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EU EXCLUSIVE found evidence of employee phones compromised with spyware – letter

EU EXCLUSIVE found evidence of employee phones compromised with spyware - letter
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Jul 27 (Reuters) – The European Union has found evidence that smartphones used by some of its staff were compromised by spyware from an Israeli company, the bloc’s top justice official said in a letter seen by Reuters.

In a July 25 letter sent to European lawmaker Sophie in ‘t Veld, EU Justice Commissioner Didier Reynders said iPhone maker Apple had told him in 2021 that his iPhone had possibly been hacked with Pegasus. , a tool developed and sold to government clients by Israeli surveillance. .NSO Group company.

Apple’s warning prompted inspections of Reynders’ personal and professional devices, as well as other phones used by European Commission employees, according to the letter.

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Although the investigation found no conclusive evidence that the phones of Reynders or EU staff were hacked, the researchers did uncover “indicators of compromise,” a term used by security researchers to describe that there is evidence showing a hack occurred. .

Reynders’ letter did not provide further details, saying “it is impossible to attribute these indicators to a specific perpetrator with complete certainty.” He added that the investigation was still active.

Messages left with Reynders, the European Commission and Reynders’s spokesman, David Marechal, were not immediately returned.

An NSO spokeswoman said the company would willingly cooperate with an EU investigation.

“Our assistance is even more crucial as there is no concrete evidence so far that a breach has occurred,” the spokeswoman said in a statement to Reuters. “Any illegal use by a client targeting activists, journalists, etc., is considered serious misuse.”

NSO Group is being sued by Apple Inc (AAPL.O) for violating its terms of user and services agreement.

QUESTIONS FROM LEGISLATORS

Reuters first reported in April that the European Union was investigating whether the phones used by Reynders and other top European officials had been hacked using software designed in Israel. Reynders and the European Commission declined to comment on the report at the time.

Reynders’ acknowledgment in the letter of the hacking activity was made in response to inquiries from European lawmakers, who earlier this year formed a committee to investigate the use of surveillance software in Europe.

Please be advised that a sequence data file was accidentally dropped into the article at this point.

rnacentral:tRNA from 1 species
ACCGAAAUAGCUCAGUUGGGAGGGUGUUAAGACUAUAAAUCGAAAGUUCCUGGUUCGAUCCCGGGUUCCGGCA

Last week, the committee announced that its investigation found that 14 EU member states had purchased NSO technology in the past.

Reynders’ letter, which was shared with Reuters by in ‘t Veld, the committee’s rapporteur, said officials in Hungary, Poland and Spain had been or were in the process of being questioned about their use of Pegasus.

In ‘t Veld said it was imperative to find out who attacked the EU Commission, suggesting it would be particularly scandalous if an EU member state were found to be responsible.

The European Commission has also raised the issue with Israeli authorities, asking them to take steps to “prevent the misuse of its products in the EU,” the letter said.

An Israeli Defense Ministry spokesman did not immediately respond to a request for comment.

Apple’s alerts, sent out late last year, told specific users that a hacking tool, called ForcedEntry, could have been used against their devices to download spyware. Apple said in a lawsuit that ForcedEntry was the work of NSO Group. Reuters also previously reported that another smaller Israeli company called QuaDream had developed an almost identical tool.

In November, the administration of US President Joe Biden gave NSO Group a designation making it difficult for US companies to do business with them, after determining that its phone hacking technology had been used by foreign governments to “maliciously attacking” political dissidents around. the world.

NSO, which has kept its client list confidential, has said it sells its products only to “vetted and legitimate” government customers.

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Reporting from Raphael Satter and Christopher Bing in Washington; edited by Grant McCool

Our standards: The Thomson Reuters Trust Principles.

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